My eyes are dim with weeping (and other prayers)

Monument to Thomas Sainsbury – St Mary’s church, Market Lavington
© Mike Searle and licensed for reuse under Creative Commons Licence.

Yesterday I combined two short prayer responses in one comment.  We have three more for the rest of the week (numbers 207 to 209 in the Sing Praise book), equally short, so I’m combining them too.

207 (Tuesday) is a setting by John Harper of the response familiar to all Church of England regulars: ‘Lord, in your mercy hear our prayer’. 209 (Thursday) is by Paul Inwood and is a cantor/response chant: ‘We ask you, Lord / Listen to our prayer’, repeated one tone lower.  Either of these would be used after each section of congregational prayers.

208 (Wednesday), with words by John Bell to a tune by Alison Adam, is also a cantor/response chant, but is slightly longer, and also quite different in tone. In fact it is achingly plaintive in its words and music.  The cantor wails ‘My eyes are dim with weeping and my pillow soaked with tears’, the response being ‘Faithful God, remember me’.  This is not so much intercession as lament.  

Previous generations are sometimes criticised for being over-sentimental in their use of imagery such as the one above. Church monuments like this one from the late 18th century often feature women weeping over a tomb or urn covered in drapes (similar to pillows, I suppose). But sometimes in grief or pain we do find ourselves literally weeping into the pillow, either for our own situation or that of a loved one, and there seem to be no adequate words with which to ask God to help.  These words will do, and
this chant could be used by the individual lamenting over some great crisis in their life. Asking God to ‘remember me’ is asking him not to ignore my plight or leave me helpless.

Alternatively, this could be used corporately, perhaps at a funeral, remembrance service or or if the theme of the service leads itself to intercession for people who might not be known to us by name but with whose suffering we want to empathise: flood or famine victims, survivors of a disaster, etc. But like strong medicines it should only be used sparingly. ‘Lord, in your mercy hear our prayer’ will suffice for most occasions.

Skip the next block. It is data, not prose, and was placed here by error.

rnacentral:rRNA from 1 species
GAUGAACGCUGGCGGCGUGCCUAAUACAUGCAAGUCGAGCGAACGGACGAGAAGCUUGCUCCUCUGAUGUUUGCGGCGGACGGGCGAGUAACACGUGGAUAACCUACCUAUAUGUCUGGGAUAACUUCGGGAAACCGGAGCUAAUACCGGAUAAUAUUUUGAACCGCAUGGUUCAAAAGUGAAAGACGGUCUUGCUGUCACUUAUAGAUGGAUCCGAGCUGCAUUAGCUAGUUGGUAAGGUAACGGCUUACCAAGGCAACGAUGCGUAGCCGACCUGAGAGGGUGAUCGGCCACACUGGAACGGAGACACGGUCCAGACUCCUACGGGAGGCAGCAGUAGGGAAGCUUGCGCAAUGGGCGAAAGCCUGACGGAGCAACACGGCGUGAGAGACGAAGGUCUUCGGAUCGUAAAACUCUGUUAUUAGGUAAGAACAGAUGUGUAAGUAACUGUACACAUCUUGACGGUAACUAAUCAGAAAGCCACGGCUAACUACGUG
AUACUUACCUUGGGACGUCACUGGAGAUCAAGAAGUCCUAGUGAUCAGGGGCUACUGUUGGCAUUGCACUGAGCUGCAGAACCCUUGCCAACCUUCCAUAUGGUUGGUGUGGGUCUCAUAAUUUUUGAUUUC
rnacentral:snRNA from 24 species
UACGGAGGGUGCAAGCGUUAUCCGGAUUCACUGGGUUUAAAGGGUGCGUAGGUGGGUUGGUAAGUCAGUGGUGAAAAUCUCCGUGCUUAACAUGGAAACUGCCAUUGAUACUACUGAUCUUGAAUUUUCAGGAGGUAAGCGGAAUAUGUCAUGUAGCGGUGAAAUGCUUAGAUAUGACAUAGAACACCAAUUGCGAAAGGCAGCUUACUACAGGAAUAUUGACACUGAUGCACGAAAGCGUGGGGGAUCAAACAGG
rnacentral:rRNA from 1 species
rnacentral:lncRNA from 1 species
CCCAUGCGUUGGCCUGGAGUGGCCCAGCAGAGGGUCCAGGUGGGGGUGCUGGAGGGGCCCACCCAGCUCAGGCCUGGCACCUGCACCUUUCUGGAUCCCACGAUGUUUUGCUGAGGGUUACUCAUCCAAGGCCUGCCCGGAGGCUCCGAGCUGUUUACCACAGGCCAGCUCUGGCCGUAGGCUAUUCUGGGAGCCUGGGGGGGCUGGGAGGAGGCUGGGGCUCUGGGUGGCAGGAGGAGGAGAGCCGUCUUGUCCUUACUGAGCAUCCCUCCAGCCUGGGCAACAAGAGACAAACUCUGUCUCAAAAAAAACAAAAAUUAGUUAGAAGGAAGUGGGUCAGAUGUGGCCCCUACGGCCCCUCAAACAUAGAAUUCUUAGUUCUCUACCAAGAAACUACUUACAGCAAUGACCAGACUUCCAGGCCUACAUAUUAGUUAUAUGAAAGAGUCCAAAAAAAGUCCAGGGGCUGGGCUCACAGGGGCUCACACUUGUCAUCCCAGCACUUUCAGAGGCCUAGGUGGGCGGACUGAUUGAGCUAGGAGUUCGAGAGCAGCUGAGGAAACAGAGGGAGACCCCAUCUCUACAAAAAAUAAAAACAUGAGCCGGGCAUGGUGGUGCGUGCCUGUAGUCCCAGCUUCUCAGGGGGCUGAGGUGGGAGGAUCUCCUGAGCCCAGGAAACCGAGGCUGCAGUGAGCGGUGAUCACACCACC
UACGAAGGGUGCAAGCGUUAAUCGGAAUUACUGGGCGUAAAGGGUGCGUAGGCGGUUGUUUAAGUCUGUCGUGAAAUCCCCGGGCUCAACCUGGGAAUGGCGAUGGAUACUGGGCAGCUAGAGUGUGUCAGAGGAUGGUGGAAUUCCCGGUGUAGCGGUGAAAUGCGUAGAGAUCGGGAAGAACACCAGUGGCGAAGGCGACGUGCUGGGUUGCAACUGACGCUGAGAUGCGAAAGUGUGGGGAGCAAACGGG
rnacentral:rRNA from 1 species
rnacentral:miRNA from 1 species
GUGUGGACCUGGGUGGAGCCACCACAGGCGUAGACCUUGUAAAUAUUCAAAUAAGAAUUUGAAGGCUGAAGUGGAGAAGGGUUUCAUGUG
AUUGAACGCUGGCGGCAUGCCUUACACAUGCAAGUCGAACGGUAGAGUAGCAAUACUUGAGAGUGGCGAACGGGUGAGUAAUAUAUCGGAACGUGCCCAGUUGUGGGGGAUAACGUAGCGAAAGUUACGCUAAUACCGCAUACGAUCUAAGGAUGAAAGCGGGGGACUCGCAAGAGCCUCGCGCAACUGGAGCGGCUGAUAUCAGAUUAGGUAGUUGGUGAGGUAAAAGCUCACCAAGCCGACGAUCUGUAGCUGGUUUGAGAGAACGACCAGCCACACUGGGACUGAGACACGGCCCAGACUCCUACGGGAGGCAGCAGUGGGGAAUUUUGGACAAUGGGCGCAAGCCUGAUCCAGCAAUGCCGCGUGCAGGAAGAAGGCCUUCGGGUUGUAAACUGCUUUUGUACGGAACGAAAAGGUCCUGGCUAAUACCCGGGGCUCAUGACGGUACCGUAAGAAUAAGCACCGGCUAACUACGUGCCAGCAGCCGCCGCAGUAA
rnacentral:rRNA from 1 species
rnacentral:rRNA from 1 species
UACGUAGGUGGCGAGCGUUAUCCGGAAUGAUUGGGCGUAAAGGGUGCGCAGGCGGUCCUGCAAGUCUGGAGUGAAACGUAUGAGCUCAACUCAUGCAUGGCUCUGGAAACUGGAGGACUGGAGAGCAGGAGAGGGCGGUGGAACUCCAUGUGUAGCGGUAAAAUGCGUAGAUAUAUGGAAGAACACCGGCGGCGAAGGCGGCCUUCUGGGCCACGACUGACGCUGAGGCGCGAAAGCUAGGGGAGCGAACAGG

The next blog in this series will therefore be on Friday as we look at the ‘O antiphons’ for the last week of Advent.

1 thought on “My eyes are dim with weeping (and other prayers)”

  1. I also gave an overall reaction to these responses on Stephen’s “Sending our petitions to God”, so just a couple of comments:

    207. I do wish people were taught proper 4-part harmony these days: the tenor’s rising to the B for the word “hear” produces parallel fifths with the alto, and also leads to a much inferior chord, and its remaining on the A would have been vastly superior. I also think the alto descending to the B for the final chord would have been preferable.

    209. I think, in view of the 3/4 time which imparts a swifter pace to the whole than 4/4 would have done, that the two lines are supposed to be used together each time (i.e. after each petition).

    208. I think the text must spring from Psalm 6:6-7, for although the bit about eyes dim with weeping comes in Job 17:7-9, Ps 69:3, Ps 88:9 and Ps 119:136, none of these have the bedding drenched with tears. But actually in none of them does the writer immediately say “Faithful God, remember me” – it is the author who has put these together. (The author is Alison Adam, even though Google does say it is by John Bell.) I agree with Stephen that this is for specific lamentable events rather than general intercession.

Comments are closed.